PHILADELPHIA — Ukrainian Catholics in the U.S. are hailing a surprise meeting between Pope Francis and Ukraine President Volodymyr Zelenskyy with a mixture of elation and wariness.
Archbishop Borys Gudziak, metropolitan of the Ukrainian Catholic Archeparchy of Philadelphia, told OVS News the visit was “very important” for countering the historic “realpolitik” of Vatican diplomacy — an approach that has “objectified smaller countries” and required them to accept peace “on terms set by superpowers.”
“The realities have changed. The new reality is that Ukrainians are the subject of their history, not pawns,” said the archbishop. “And with dignity and clarity, President Zelenskyy represented his people.”
Pope Francis and Zelenskyy spoke privately for some 40 minutes May 13 in Pope Francis’ studio at the Vatican audience hall, discussing “the humanitarian and political situation in Ukraine caused by the ongoing war,” according to a post-meeting statement issued by the Vatican press office.
Zelenskyy’s visit was part of a weekend series of meetings with leaders in Italy, Germany, France and the United Kingdom.
Both Pope Francis and Zelenskyy “agreed on the need for continued humanitarian efforts to support the population,” the Vatican said, noting “the pope particularly stressed the urgent need for ‘gestures of humanity’ toward the most fragile people, the innocent victims of the conflict.”
Zelenskyy presented the pope with “Loss 2022-58,” an iconlike print of the Virgin Mary holding a shadowed child figure in place of Jesus. The work commemorates the 243 children who died in the first 58 days of Russia’s full-scale invasion Feb. 24, 2022, which continued attacks launched by Russia in 2014. Zelenskyy also gave Pope Francis a plate from a Ukrainian’s soldier’s bulletproof vest, with images of Mary, the Ukrainian flag and bloodstains painted on the scars left by bullets.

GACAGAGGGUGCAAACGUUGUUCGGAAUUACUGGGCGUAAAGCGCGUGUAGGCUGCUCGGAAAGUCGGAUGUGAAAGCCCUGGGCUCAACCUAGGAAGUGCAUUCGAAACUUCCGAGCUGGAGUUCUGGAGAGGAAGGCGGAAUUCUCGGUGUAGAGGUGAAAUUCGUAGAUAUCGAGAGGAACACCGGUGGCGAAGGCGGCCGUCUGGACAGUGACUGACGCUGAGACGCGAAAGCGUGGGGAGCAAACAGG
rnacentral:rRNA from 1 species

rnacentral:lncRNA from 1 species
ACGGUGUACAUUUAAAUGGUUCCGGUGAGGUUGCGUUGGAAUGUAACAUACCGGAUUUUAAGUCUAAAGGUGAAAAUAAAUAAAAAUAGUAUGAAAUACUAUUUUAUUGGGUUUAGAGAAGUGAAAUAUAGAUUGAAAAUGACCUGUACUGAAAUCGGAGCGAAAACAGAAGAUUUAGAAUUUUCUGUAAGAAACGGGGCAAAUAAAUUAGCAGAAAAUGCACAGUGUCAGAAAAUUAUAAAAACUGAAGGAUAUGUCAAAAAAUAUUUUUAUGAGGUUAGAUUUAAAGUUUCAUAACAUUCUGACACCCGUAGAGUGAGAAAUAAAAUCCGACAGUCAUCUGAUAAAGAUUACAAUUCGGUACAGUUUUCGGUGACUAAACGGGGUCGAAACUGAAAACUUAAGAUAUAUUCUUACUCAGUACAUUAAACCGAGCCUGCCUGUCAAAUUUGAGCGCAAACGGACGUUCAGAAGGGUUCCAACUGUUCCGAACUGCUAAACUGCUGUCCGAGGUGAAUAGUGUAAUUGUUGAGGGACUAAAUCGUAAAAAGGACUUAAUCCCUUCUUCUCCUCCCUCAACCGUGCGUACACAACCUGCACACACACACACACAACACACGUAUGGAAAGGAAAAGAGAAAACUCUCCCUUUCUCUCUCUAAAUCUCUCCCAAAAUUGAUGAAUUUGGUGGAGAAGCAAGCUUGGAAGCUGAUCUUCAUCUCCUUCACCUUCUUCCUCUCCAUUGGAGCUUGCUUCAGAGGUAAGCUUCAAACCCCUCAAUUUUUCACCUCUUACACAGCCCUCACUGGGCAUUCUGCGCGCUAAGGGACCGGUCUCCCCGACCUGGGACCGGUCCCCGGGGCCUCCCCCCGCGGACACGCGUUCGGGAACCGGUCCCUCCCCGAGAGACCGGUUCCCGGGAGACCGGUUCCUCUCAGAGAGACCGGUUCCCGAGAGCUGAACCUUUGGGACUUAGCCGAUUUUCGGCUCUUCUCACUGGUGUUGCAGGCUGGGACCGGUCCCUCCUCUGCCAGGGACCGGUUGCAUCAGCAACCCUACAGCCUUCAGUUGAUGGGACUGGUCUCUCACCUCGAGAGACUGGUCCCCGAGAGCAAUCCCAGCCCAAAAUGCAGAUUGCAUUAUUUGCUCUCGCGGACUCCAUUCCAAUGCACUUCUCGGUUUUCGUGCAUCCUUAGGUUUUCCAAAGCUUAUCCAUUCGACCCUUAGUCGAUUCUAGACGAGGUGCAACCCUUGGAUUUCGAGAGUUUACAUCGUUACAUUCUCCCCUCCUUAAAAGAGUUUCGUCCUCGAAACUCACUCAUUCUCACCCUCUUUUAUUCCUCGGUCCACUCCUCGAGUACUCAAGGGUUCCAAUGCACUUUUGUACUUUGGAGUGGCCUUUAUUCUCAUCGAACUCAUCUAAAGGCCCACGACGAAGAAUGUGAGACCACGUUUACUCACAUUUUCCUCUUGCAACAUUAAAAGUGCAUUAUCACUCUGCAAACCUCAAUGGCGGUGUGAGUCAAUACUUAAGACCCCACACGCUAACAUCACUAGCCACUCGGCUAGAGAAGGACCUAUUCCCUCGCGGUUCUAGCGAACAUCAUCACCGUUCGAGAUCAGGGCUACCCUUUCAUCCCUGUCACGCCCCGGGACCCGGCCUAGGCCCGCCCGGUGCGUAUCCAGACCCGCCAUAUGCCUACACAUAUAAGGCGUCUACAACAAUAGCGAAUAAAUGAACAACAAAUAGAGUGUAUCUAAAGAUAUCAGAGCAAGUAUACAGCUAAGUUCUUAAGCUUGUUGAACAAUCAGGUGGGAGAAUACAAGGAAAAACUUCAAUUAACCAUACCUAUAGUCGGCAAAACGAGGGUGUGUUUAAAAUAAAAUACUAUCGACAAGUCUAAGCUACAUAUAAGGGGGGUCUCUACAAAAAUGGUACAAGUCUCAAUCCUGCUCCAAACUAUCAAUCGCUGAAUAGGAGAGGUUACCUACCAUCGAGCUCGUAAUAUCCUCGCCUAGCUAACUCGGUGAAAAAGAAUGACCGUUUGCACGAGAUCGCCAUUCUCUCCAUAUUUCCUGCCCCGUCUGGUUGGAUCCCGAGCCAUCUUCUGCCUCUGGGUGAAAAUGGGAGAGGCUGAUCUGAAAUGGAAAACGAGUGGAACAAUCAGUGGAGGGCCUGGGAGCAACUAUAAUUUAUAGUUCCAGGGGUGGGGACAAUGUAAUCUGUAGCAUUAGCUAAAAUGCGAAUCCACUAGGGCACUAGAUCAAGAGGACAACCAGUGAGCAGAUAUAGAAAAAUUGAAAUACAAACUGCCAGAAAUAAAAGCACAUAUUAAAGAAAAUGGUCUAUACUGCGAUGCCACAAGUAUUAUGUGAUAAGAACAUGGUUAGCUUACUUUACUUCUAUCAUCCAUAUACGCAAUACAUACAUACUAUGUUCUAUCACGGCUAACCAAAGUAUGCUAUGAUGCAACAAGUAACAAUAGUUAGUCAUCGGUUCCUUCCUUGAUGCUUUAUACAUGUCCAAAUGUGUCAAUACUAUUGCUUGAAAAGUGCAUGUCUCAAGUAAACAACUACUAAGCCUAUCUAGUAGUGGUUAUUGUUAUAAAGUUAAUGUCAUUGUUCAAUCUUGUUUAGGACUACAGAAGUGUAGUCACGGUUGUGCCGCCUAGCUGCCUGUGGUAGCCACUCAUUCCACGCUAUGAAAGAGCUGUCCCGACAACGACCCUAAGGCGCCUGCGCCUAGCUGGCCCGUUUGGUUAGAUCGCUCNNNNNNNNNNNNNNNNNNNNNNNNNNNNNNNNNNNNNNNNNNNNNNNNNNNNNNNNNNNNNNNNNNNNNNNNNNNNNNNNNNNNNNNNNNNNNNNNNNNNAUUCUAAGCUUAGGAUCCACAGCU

In return, Pope Francis gave Zelenskyy a bronze olive branch, symbolizing peace and evoking the biblical story of the flood, in which a dove brings Noah an olive branch to show the destructive waters had begun to recede (Gen. 8:8-11).
Zelenskyy, who has invited the Holy Father to Kyiv several times, sought Pope Francis’ support for a 10-point peace plan Ukraine unveiled at the G20 summit in November 2022, prioritizing the complete withdrawal of Russian forces from Ukraine’s internationally recognized territory; the release of all Ukrainians held captive or deported by Russia, including close to 19,400 children; food and energy security; nuclear safety amid Russian occupation of Ukraine’s Zaporizhzhia Nuclear Power Plant, the largest nuclear plant in Europe; a tribunal for the approximately 80,000 war crimes committed by Russia since February 2022; and remediation for Russia’s profound environmental damage to Ukraine due to air, soil and water contamination from munitions, as well as the loss of more than six million domestic animals.
Archbishop Gudziak told OSV News that in Zelenskyy, the pope “met a leader who represented not only the pain of suffering (Ukrainians), but the paschal promise of the Way of the Cross.”